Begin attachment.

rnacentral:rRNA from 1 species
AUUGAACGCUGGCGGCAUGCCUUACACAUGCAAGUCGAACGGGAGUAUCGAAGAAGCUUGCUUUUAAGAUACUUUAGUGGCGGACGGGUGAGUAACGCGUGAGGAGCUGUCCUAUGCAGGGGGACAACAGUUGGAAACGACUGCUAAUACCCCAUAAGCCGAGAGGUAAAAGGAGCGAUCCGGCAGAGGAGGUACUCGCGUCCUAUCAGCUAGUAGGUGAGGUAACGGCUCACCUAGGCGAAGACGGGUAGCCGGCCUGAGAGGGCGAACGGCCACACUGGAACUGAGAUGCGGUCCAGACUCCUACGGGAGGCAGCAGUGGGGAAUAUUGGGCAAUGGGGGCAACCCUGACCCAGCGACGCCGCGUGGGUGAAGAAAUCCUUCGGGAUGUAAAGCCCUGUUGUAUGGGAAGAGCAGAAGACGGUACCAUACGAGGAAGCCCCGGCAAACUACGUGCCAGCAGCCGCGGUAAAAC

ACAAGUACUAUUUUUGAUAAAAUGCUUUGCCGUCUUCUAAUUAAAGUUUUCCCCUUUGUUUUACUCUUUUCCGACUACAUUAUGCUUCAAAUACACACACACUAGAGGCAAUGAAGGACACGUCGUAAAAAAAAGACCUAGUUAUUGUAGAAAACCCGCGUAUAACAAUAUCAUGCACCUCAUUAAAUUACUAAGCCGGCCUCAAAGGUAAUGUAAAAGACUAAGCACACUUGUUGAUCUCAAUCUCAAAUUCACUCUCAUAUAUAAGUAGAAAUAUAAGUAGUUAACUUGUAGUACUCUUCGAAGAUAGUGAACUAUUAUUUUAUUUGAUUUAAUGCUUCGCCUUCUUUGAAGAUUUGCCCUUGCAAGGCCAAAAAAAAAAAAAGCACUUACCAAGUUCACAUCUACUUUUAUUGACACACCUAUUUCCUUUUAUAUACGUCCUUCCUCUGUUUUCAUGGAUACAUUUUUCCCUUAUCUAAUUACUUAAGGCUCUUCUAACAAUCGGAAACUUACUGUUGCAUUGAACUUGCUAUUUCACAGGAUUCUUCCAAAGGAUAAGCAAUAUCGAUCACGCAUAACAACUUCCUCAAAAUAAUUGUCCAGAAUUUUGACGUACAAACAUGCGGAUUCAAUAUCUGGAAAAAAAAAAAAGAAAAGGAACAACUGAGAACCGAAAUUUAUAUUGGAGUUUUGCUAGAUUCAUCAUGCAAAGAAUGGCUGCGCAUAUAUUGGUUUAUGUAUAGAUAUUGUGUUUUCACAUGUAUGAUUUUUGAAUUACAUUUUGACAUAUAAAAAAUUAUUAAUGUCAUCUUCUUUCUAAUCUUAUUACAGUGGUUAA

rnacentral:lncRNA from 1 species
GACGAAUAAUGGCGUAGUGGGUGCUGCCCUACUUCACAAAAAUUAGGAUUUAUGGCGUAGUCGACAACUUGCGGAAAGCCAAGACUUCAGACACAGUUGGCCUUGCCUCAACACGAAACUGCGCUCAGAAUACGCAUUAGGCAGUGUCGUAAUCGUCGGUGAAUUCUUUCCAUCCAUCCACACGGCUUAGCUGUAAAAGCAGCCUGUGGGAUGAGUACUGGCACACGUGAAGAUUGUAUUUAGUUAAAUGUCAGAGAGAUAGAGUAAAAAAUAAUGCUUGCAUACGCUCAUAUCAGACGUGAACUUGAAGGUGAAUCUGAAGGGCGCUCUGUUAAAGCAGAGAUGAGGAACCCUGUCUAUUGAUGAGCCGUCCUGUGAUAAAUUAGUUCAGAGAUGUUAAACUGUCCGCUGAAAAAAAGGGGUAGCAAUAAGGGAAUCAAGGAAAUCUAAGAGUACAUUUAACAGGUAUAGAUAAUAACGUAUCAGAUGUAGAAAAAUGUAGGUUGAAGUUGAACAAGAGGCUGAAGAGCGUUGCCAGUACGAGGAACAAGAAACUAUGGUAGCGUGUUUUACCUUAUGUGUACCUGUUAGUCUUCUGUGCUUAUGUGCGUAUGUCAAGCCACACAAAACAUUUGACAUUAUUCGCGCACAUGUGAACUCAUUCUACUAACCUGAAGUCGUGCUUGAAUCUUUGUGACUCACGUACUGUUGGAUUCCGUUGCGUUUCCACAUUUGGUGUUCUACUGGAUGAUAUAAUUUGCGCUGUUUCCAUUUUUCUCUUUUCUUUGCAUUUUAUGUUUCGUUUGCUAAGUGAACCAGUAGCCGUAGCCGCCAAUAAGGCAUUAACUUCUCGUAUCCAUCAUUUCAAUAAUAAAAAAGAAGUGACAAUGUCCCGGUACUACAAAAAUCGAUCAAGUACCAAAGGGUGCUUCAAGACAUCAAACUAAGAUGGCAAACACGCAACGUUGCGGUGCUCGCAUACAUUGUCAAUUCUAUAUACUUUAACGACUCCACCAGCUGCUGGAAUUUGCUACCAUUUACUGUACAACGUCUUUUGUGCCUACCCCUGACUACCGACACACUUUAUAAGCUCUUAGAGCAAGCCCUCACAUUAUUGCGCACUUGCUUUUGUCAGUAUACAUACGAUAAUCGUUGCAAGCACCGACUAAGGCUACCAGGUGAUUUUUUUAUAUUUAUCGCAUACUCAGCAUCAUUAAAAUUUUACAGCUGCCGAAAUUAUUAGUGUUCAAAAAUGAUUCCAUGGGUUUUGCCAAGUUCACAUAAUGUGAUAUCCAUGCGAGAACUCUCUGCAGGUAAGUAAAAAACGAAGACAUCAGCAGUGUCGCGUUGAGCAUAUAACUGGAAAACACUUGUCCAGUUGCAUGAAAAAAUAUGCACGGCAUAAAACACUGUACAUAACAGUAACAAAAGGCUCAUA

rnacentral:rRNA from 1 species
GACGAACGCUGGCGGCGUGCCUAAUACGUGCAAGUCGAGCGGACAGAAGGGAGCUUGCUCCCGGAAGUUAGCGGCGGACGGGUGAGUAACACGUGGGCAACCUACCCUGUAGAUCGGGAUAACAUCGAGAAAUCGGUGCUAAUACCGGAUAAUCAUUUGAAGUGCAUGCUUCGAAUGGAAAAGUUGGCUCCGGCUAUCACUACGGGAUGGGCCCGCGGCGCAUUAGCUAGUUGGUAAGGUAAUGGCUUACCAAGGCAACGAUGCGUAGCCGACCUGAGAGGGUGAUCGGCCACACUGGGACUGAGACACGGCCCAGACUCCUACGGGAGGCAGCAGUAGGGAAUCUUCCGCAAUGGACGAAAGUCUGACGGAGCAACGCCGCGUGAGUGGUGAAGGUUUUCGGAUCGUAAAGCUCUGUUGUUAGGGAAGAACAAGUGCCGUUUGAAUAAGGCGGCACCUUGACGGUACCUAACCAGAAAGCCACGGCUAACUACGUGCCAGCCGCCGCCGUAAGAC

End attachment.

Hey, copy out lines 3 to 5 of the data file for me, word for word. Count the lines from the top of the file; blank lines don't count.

ACAAGUACUAUUUUUGAUAAAAUGCUUUGCCGUCUUCUAAUUAAAGUUUUCCCCUUUGUUUUACUCUUUUCCGACUACAUUAUGCUUCAAAUACACACACACUAGAGGCAAUGAAGGACACGUCGUAAAAAAAAGACCUAGUUAUUGUAGAAAACCCGCGUAUAACAAUAUCAUGCACCUCAUUAAAUUACUAAGCCGGCCUCAAAGGUAAUGUAAAAGACUAAGCACACUUGUUGAUCUCAAUCUCAAAUUCACUCUCAUAUAUAAGUAGAAAUAUAAGUAGUUAACUUGUAGUACUCUUCGAAGAUAGUGAACUAUUAUUUUAUUUGAUUUAAUGCUUCGCCUUCUUUGAAGAUUUGCCCUUGCAAGGCCAAAAAAAAAAAAAGCACUUACCAAGUUCACAUCUACUUUUAUUGACACACCUAUUUCCUUUUAUAUACGUCCUUCCUCUGUUUUCAUGGAUACAUUUUUCCCUUAUCUAAUUACUUAAGGCUCUUCUAACAAUCGGAAACUUACUGUUGCAUUGAACUUGCUAUUUCACAGGAUUCUUCCAAAGGAUAAGCAAUAUCGAUCACGCAUAACAACUUCCUCAAAAUAAUUGUCCAGAAUUUUGACGUACAAACAUGCGGAUUCAAUAUCUGGAAAAAAAAAAAAGAAAAGGAACAACUGAGAACCGAAAUUUAUAUUGGAGUUUUGCUAGAUUCAUCAUGCAAAGAAUGGCUGCGCAUAUAUUGGUUUAUGUAUAGAUAUUGUGUUUUCACAUGUAUGAUUUUUGAAUUACAUUUUGACAUAUAAAAAAUUAUUAAUGUCAUCUUCUUUCUAAUCUUAUUACAGUGGUUAA

rnacentral:lncRNA from 1 species
GACGAAUAAUGGCGUAGUGGGUGCUGCCCUACUUCACAAAAAUUAGGAUUUAUGGCGUAGUCGACAACUUGCGGAAAGCCAAGACUUCAGACACAGUUGGCCUUGCCUCAACACGAAACUGCGCUCAGAAUACGCAUUAGGCAGUGUCGUAAUCGUCGGUGAAUUCUUUCCAUCCAUCCACACGGCUUAGCUGUAAAAGCAGCCUGUGGGAUGAGUACUGGCACACGUGAAGAUUGUAUUUAGUUAAAUGUCAGAGAGAUAGAGUAAAAAAUAAUGCUUGCAUACGCUCAUAUCAGACGUGAACUUGAAGGUGAAUCUGAAGGGCGCUCUGUUAAAGCAGAGAUGAGGAACCCUGUCUAUUGAUGAGCCGUCCUGUGAUAAAUUAGUUCAGAGAUGUUAAACUGUCCGCUGAAAAAAAGGGGUAGCAAUAAGGGAAUCAAGGAAAUCUAAGAGUACAUUUAACAGGUAUAGAUAAUAACGUAUCAGAUGUAGAAAAAUGUAGGUUGAAGUUGAACAAGAGGCUGAAGAGCGUUGCCAGUACGAGGAACAAGAAACUAUGGUAGCGUGUUUUACCUUAUGUGUACCUGUUAGUCUUCUGUGCUUAUGUGCGUAUGUCAAGCCACACAAAACAUUUGACAUUAUUCGCGCACAUGUGAACUCAUUCUACUAACCUGAAGUCGUGCUUGAAUCUUUGUGACUCACGUACUGUUGGAUUCCGUUGCGUUUCCACAUUUGGUGUUCUACUGGAUGAUAUAAUUUGCGCUGUUUCCAUUUUUCUCUUUUCUUUGCAUUUUAUGUUUCGUUUGCUAAGUGAACCAGUAGCCGUAGCCGCCAAUAAGGCAUUAACUUCUCGUAUCCAUCAUUUCAAUAAUAAAAAAGAAGUGACAAUGUCCCGGUACUACAAAAAUCGAUCAAGUACCAAAGGGUGCUUCAAGACAUCAAACUAAGAUGGCAAACACGCAACGUUGCGGUGCUCGCAUACAUUGUCAAUUCUAUAUACUUUAACGACUCCACCAGCUGCUGGAAUUUGCUACCAUUUACUGUACAACGUCUUUUGUGCCUACCCCUGACUACCGACACACUUUAUAAGCUCUUAGAGCAAGCCCUCACAUUAUUGCGCACUUGCUUUUGUCAGUAUACAUACGAUAAUCGUUGCAAGCACCGACUAAGGCUACCAGGUGAUUUUUUUAUAUUUAUCGCAUACUCAGCAUCAUUAAAAUUUUACAGCUGCCGAAAUUAUUAGUGUUCAAAAAUGAUUCCAUGGGUUUUGCCAAGUUCACAUAAUGUGAUAUCCAUGCGAGAACUCUCUGCAGGUAAGUAAAAAACGAAGACAUCAGCAGUGUCGCGUUGAGCAUAUAACUGGAAAACACUUGUCCAGUUGCAUGAAAAAAUAUGCACGGCAUAAAACACUGUACAUAACAGUAACAAAAGGCUCAUA